She did, and the show worked because Francene understood passion. I don't mean that in any kind of romantic way, but in the way that she dug into her work. If she didn't know enough about a subject, she buried herself in research before presenting it on the air. If she still didn't understand it but thought it was important enough for her audience to know, she'd bring on an expert to explain it. That was her reporter's instinct. If a public figure was out of line, she never hesitated to take him or her to task for it. Politicians appeared on her show regularly, knowing that she would be fair, but wouldn't take any crap or let them get away with anything.
Several months ago, Francene decided she'd heard enough about the increase in unemployment due to the recession and decided to do something about it. She turned her show that Friday into a radio want ad, where employers called in and talked about available jobs that her listeners could apply for. The phones lit up immediately, and stayed lit. She did it again the next Friday, and the next, and by the end of the year, she had helped 500 unemployed people find new fulltime jobs.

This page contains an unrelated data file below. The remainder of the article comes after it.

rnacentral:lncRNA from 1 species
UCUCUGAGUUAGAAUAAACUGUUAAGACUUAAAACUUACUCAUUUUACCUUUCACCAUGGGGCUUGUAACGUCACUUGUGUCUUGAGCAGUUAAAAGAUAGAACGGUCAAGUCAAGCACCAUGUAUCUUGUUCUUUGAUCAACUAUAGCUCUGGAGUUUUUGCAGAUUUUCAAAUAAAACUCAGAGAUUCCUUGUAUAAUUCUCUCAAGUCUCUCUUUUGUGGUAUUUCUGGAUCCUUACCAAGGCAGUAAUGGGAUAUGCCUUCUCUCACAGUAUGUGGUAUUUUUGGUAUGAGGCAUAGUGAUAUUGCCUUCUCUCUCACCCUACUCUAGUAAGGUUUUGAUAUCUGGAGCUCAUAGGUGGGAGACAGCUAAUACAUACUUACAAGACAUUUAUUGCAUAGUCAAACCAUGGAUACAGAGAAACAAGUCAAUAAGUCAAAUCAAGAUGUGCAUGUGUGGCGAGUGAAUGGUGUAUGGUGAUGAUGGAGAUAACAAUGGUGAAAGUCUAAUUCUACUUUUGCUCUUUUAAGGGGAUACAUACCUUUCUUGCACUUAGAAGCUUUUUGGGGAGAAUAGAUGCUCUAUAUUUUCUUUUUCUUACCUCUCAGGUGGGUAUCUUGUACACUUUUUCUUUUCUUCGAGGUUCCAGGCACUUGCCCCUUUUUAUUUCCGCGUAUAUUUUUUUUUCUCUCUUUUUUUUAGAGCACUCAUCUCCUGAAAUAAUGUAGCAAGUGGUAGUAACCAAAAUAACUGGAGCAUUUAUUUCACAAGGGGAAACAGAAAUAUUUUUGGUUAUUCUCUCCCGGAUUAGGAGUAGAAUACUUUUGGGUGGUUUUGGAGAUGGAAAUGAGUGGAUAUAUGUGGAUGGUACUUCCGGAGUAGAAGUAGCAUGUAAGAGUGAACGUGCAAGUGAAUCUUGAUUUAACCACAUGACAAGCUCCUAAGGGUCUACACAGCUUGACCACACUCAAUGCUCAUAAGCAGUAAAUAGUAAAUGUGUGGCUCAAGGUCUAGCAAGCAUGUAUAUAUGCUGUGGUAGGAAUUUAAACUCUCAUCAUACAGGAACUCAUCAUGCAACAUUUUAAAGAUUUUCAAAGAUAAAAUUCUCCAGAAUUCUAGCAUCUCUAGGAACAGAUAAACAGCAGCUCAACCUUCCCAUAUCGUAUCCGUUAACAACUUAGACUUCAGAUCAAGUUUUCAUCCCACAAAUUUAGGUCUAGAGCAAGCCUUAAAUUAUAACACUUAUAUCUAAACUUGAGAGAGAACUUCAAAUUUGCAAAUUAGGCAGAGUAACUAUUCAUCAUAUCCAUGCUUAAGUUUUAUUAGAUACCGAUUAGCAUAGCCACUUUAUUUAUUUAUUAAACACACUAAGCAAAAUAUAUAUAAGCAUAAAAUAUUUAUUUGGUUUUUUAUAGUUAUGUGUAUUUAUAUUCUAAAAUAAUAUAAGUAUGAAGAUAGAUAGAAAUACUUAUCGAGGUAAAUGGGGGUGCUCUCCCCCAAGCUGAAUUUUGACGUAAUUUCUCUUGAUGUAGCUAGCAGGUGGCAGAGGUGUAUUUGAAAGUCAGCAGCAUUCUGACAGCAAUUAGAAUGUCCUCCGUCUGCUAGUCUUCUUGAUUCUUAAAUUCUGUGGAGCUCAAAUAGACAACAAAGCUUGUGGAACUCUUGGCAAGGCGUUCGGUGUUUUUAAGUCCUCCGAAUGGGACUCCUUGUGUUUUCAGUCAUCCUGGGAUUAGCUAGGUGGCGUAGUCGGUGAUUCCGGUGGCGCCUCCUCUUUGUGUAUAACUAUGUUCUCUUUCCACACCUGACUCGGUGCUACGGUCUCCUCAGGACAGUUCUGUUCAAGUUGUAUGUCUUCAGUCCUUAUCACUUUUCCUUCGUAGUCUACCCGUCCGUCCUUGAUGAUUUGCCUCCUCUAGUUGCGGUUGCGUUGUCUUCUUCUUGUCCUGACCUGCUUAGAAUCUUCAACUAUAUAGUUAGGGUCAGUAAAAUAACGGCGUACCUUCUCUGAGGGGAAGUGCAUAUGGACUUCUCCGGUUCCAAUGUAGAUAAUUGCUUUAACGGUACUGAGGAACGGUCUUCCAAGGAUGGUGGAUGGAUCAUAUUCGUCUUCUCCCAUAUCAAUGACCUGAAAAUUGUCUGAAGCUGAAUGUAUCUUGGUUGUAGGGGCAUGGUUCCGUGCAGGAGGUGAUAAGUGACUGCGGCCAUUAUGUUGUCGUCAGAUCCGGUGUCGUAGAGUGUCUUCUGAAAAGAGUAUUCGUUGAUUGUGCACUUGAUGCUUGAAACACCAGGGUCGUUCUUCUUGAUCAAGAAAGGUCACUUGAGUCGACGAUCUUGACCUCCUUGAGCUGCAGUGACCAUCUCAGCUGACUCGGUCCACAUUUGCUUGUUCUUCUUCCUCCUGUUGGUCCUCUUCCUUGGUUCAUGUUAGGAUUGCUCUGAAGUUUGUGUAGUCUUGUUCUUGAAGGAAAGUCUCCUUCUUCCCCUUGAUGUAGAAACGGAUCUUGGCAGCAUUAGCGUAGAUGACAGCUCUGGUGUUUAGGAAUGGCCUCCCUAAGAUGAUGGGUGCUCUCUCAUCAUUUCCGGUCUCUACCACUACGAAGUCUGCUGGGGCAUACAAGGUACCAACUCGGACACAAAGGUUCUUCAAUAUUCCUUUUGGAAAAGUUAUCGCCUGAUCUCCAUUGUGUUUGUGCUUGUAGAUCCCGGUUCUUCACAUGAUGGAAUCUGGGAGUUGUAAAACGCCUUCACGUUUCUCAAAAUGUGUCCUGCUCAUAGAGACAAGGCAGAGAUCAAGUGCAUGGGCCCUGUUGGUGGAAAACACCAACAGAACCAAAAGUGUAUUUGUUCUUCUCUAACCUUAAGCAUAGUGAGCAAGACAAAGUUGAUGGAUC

Francene had passion off the air, too. She loved the horse races at Churchill Downs, particularly the Kentucky Derby -- and not just because it meant buying a bright new broad-rimmed hat every year. In 2009, she got a huge thrill from talking up Rachel Alexandra, the filly that won the Kentucky Oaks and then stunned the sports world by winning the Preakness. Francene was often seen in the stands rooting on the Louisville Bats minor league baseball team, and worked tirelessly raising money for charities around town. Somehow, she also found time to spend her weekends in Cincinnati as a reporter for WXIX-TV, appear as a pundit on Fox Business Channel, and write a weekly column for LEO, Louisville's alternative newspaper.